Yoga practice activates the seven chakras (Part 2)
When you enter the body's temple and establish your foundation in the first chakra, the next step is to position the body along the Sushumna (midrib) that runs through the middle canal. In yoga, ordination means finding the best combination between various parts of the body to maximize the flow of life energy gracefully.
Your midrib is the most direct connection between heaven and earth, yin and yang, and the central channel that coordinates all parts of your body: your emotions and will, mind and body, outlook on life and behavior.
Chakra Yoga seeks to define alignment from within by feeling the flow of life energy within the body and finding the best way to strengthen the flow of inner and chakra. You can call it the alignment of subtle energy. Here, the divine construction of the soul is in keeping with the construction of the body. An excellent yoga teacher will guide the alignment of the body in various asanas. Still, at the end of the day, alignment is when the ease of an asana is in place, allowing you to feel the elegance of an asana.
Positioning is how you can establish an energy movement between where you are and where you want to go. For example, when you drive to travel, your journey may have many turning gyrations. Yes, you can look at the map and draw a line from point to point. But, when you drive, you need to be consistent with the roads and highways leading to your destination. Let's see how this works during the movement from Chakra 1 to Chakra 2.
The first chakra represents a point. This is your territory - the space-time position occupied by your body. This is your unique self because you have only one body, and it can only occupy one position at a time. A point gives you a position, a position on the earth. When you move from one chakra to the second chakra, you go from monism to duality, from one point to two points. Two points form a line.
The ordinate position brings your body toward a line and sometimes points to several lines. When you stand upright in a basic standing pose (such as a mountain), your direction is a central vertical line through your core. You place your body and subtle energy symmetrically along this line, balancing the front, back, and left. By drawing a line on your mat, whether literally or in your imagination, you can align your core with the centerline of the mat as you lunge forward or backward. When you do a more complex asana, such as a triangle, there are several lines to consider: one for each leg, the other from the bottom to the top of the head, and one through the heart and arm.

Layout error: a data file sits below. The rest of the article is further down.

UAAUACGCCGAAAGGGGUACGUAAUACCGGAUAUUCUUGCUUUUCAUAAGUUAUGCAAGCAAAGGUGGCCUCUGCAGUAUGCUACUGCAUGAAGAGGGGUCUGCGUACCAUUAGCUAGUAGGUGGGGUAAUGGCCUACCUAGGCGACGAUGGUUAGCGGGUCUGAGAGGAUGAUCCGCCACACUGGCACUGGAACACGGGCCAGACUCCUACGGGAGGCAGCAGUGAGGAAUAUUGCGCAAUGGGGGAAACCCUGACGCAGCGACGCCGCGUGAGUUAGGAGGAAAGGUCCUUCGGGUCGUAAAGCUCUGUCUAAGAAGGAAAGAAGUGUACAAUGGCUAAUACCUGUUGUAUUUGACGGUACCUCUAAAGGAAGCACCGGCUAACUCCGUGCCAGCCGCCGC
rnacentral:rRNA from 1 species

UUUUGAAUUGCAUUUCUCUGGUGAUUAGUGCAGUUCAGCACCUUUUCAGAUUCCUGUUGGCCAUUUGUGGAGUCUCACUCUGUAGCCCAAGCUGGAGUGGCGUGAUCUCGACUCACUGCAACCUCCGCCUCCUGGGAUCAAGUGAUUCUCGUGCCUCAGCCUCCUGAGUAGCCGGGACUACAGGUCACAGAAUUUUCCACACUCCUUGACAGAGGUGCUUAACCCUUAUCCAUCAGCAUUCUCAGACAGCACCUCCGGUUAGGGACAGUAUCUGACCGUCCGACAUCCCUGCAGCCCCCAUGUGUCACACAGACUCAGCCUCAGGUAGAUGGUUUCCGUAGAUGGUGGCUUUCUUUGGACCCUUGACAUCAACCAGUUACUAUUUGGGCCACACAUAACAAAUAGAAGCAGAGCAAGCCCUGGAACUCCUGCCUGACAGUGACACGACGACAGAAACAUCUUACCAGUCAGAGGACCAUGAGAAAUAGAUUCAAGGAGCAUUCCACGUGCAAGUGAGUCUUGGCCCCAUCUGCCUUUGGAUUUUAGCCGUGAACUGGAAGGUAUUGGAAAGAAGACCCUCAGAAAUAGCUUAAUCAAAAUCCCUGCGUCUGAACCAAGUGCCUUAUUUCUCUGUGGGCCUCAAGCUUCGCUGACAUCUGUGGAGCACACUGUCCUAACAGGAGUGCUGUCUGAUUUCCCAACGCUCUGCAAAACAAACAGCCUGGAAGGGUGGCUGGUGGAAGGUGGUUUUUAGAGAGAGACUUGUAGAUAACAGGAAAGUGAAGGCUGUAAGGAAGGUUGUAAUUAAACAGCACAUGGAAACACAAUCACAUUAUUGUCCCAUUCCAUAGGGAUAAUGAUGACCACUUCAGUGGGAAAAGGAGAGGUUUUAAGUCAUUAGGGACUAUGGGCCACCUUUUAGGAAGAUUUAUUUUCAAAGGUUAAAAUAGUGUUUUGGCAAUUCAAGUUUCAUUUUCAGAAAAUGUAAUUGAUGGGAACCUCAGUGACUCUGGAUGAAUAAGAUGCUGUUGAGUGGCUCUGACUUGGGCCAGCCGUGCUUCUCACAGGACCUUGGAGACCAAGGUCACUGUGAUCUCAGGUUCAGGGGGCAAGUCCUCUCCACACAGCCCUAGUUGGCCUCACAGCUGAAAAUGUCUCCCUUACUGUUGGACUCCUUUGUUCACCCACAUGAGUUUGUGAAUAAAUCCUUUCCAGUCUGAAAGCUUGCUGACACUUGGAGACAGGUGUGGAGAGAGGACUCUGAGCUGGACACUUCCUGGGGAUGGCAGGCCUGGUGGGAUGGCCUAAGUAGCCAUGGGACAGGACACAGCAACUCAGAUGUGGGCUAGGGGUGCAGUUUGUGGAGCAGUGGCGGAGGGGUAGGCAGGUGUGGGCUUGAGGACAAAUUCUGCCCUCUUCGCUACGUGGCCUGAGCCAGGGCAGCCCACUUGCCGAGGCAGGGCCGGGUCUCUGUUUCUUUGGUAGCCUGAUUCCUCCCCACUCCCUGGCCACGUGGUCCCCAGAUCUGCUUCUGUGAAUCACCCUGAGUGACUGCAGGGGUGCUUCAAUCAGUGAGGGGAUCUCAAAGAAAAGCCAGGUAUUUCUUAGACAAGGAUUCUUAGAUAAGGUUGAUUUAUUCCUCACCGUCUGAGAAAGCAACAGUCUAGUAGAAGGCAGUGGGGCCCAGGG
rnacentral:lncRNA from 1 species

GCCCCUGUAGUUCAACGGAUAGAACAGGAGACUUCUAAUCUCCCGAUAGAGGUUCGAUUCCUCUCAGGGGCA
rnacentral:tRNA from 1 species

While simple, in theory, internal alignment is not always that easy. Blockages of chakras take us out of our midway, trapping energy in complex defenses. These blockages manifest in the body as muscle tension, stiffness, shortening of connective tissue, obesity, pain, or chronic energy attenuation. In external life, chakras manifest as self-sealing or inability to concentrate, transferring energy in unhealthy ways, and may leave us anxious or exhausted.
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Use Yin and Yang Poles
Just as a line has two points to indicate movement, the number two represents the yin and yang poles. Here you can move from the singularity of the body to the duality of self and others, mind and body, up and down, expansion and contraction, internal and external, and many other attributes listed in the table below.
The poles can face each other, such as pressing your right palm to your left palm, or they can be separated, such as opening your arms and stretching the fingertips of your hands away from each other. Similarly, a line can connect two things or define separation, such as drawing a line on the ground.
In yoga, we consciously use bipolar synergy exercises to guide the flow of life energy. Your fingertips stretch up to the top of your head while your heels step down, which will create an energy line that flows between the upper and lower parts of your body. When you stretch your arms, draw the core, which is to shrink and expand at the same time to show more vitality. While using the two poles, maintaining your middle canal is one of the main tasks of the second chakra.
This action will allow you to feel your core more deeply, even if the action extends to your limits. The stronger your core awareness, the easier it is for the action to expand. The following table shows several polarities in which yoga helps energy flow through the body. To expand your yoga, find the opposites of the poles in one asana. Find effort and submission, control, and freedom. Try to accept the practice of balance of one polarity.
It can even be said that it is the polar opposition that contributes to the rotation of the chakra because the upward and downward airflow is passing through the intersection between the left and right veins, rotating the chakra in the opposite direction like a gear. As shown in the figure: